Washington has some of the worst achievement gaps in the entire country. The state needs to address the performance gaps that divide student outcomes across incomes levels and racial backgrounds. Only five states rank worse than Washington in terms of the gap between graduation rates for low-income students (65%) and rates for non-low income students (87%). Among the 200 biggest school districts in the U.S., Seattle has the fifth-biggest gap in achievement between black and white students.
Despite popular misconceptions, a 4-year degree in not the only viable route to career success in today’s economy.
Last month, I published a blog article summarizing new research examining outcomes for non-college goers whose high school years were spent engaged in rigorous and career-connected coursework. The Center for Public Education has analyzed longitudinal data from the U.S. Department of Education and discovered that while college goers are on average more likely than non-college goers to have a good job and be a productive member of society by age 26, this distinction all but disappears when the category of non-college goer is disaggregated to separate out rigorous and career-connected high school preparation.
Non-college goers with “high credentials” – that is, a strong high school preparation plus professional certification– were more likely to be employed and have health insurance than college goers, although they were less likely to have a retirement fund.
“High credentialed” high school graduate must meet the following criteria:
- Completed Algebra 2 as highest math course and Advanced biology as highest science;
- Earned a cumulative GPA between 2.5 and 3;
- Completed an occupational concentration in high school (three or more vocational courses in a specific labor market area); and
- Earned a professional certification or license.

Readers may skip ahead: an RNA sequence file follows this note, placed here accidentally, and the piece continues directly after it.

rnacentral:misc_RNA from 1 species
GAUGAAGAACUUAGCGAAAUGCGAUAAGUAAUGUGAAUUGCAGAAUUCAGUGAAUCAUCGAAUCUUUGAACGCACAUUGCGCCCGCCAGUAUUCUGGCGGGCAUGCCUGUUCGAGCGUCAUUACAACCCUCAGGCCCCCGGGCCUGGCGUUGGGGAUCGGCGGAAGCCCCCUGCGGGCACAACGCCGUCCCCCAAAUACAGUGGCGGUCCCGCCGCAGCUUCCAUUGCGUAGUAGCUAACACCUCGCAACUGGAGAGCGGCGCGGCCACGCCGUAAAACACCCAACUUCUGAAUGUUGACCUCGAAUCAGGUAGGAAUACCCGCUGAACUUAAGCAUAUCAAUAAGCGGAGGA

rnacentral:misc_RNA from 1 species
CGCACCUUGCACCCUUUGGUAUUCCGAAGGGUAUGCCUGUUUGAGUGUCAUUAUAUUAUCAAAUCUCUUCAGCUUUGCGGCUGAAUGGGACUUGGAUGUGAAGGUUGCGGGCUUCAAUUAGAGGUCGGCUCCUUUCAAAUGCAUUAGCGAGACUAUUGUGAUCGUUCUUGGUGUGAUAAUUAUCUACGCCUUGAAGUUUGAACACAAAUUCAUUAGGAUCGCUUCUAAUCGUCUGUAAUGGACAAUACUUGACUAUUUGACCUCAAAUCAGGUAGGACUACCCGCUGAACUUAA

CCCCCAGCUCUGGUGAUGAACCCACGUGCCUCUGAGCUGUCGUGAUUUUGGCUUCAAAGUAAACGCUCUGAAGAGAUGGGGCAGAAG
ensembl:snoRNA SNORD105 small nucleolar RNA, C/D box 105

There were so many significant findings in the Center for Public Education’s research that I could not unpack everything in the first blog article. This quick follow up examines how “high credentialed” high school grads perform when viewed through the lens of race and ethnicity.
The employment gap by race narrows as credentials increase
High-credentialed non-college goers of all racial groups are more likely to work full-time than the average college goer
Among low credentialed high school grads with no college, white students were 55 percent more likely to be employed than black students by age 26. That white advantage shrinks to 12 percent among high credentialed high school graduates.
Most importantly, at age 26 high credentialed “no college” high school grads were more likely to be employed than the average college going student regardless of their racial group.
High-credentialed non-college goers of all racial groups are more likely to earn more than the average college goers
Average wage of 26 year olds, 2012
The findings for wages mirror those for employment status. Among low credentialed high school grads with no college, white students earned 28 percent more per hour than black students at age 26. The white advantage shrinks to 14 percent among high credentialed high school graduates. And again, at age 26 high credentialed “no college” high school grads were earning more in hourly wages than the average college going student regardless of their racial group.
Black non-college goers are more engaged in their communities
High-credentialed non-college goers of all racial groups are more likely to vote than the average college goers
Research findings like these underline the need to strengthen funding for Career Tech Education.
High school graduates who enter the workforce directly instead of attending college can achieve similar and, in some cases, greater economic and social success than college goers, provided they met the above criteria for rigorous, “high credentialed” high school achievement. Moreover, these “high credentialed” high school grads fare better than those students who earned only an associate’s degree or attended four-year college but did not earn a degree. At age 26, high credentialed high school graduates who did not enroll in college earned nearly as much ($18.71 per hour) as individuals with a bachelor’s degree ($19.38 per hour).
The PLAN Washington approach to education calls for prioritizing workforce-readiness and competency-based K-12 education. It sets as a statewide goal the annual attainment of 155,000 certificates, credentials, apprenticeships, and degrees by the year 2025.